Cecilia, by Fanny Burney

Chapter 2

A Sympathy.

The next day Cecilia had appointed to spend in St James’-square; and she knew by experience that in its course, she should in all probability find some opportunity of speaking with Delvile alone.

This accordingly happened; for in the evening Mrs Delvile quitted the room for a few moments to answer a letter. Cecilia then, left with her son, said, after a little hesitation, “Will you not think me very strange if I should take the liberty to consult you upon some business?”

“I already think you very strange,” answered he; “so strange that I know not any one who at all resembles you. But what is this consultation in which you will permit me to have a voice?”

“You are acquainted, I believe, with the distress of Mr Belfield?”

“I am; and I think his situation the most melancholy that can be imagined. I pity him with my whole soul, and nothing would give me greater joy than an opportunity of serving him.”

“He is, indeed, much to be compassionated,” returned Cecilia; “and if something is not speedily done for him, I fear he will be utterly lost. The agitation of his mind baffles all the power of medicine, and till that is relieved, his health can never be restored. His, spirit, probably always too high for his rank in life, now struggles against every attack of sickness and of poverty, in preference to yielding to his fate, and applying to his friends for their interest and assistance. I mean not to vindicate his obduracy, yet I wish it were possible it could be surmounted. Indeed I dread to think what may become of him! feeling at present nothing but wretchedness and pain, looking forward in future to nothing but ruin and despair!”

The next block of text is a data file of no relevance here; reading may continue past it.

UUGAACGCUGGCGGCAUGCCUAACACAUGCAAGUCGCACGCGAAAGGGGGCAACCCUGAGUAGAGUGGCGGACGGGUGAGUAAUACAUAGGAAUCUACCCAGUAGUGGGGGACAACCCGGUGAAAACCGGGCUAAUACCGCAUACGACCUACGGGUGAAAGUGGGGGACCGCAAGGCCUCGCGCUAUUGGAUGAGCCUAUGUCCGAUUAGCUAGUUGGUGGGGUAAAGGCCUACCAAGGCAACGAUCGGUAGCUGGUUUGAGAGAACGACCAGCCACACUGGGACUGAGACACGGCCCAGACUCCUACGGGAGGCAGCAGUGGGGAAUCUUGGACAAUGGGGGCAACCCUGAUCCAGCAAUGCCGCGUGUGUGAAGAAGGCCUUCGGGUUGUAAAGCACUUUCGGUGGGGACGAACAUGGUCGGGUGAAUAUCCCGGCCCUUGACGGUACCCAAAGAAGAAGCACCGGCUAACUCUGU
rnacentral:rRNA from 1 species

“There is no man,” cried young Delvile, with emotion, “who might not rather envy than pity sufferings which give rise to such compassion!”

“Pecuniary assistance he will not accept,” she continued, “and, indeed, his mind is superior to receiving consolation from such temporary relief; I wish him, therefore, to be put into some way of life by which his own talents, which have long enough amused the world, may at length become serviceable to himself. Do you think, Sir, this is possible?”

“How do I rejoice,” cried Delvile, colouring with pleasure while he spoke, “in this flattering concurrence of our opinions! see, madam,” taking from his pocket a letter, “how I have been this very morning occupied, in endeavouring to procure for Mr Belfield some employment by which his education might be rendered useful, and his parts redound to his own credit and advantage.”

He then broke the seal, and put into her hand a letter to a nobleman, whose son was soon going abroad, strongly recommending Belfield to him in capacity of a tutor.

A sympathy of sentiment so striking impressed them at the same moment with surprise and esteem; Delvile earnestly regarded her with eyes of speaking admiration, while the occasion of his notice rendered it too pleasant to distress her, and filled her with an inward satisfaction which brightened her whole countenance.

She had only time, in a manner that strongly marked her approbation, to return the letter, before Mrs Delvile again made her appearance.

During the rest of the evening but little was said; Cecilia was not talkative, and young Delvile was so absent, that three times his mother reminded him of an engagement to meet his father, who that night was expected at the Duke of Derwent’s house in town, before he heard that she spoke to him, and three times more before, when he had heard, he obeyed.

Cecilia, when she came back to Mr Barrel’s, found the house full of company. She went into the drawing-room, but did not remain there long: she was grave and thoughtful, she wished to be alone, and by the earliest opportunity, stole away to her own apartment.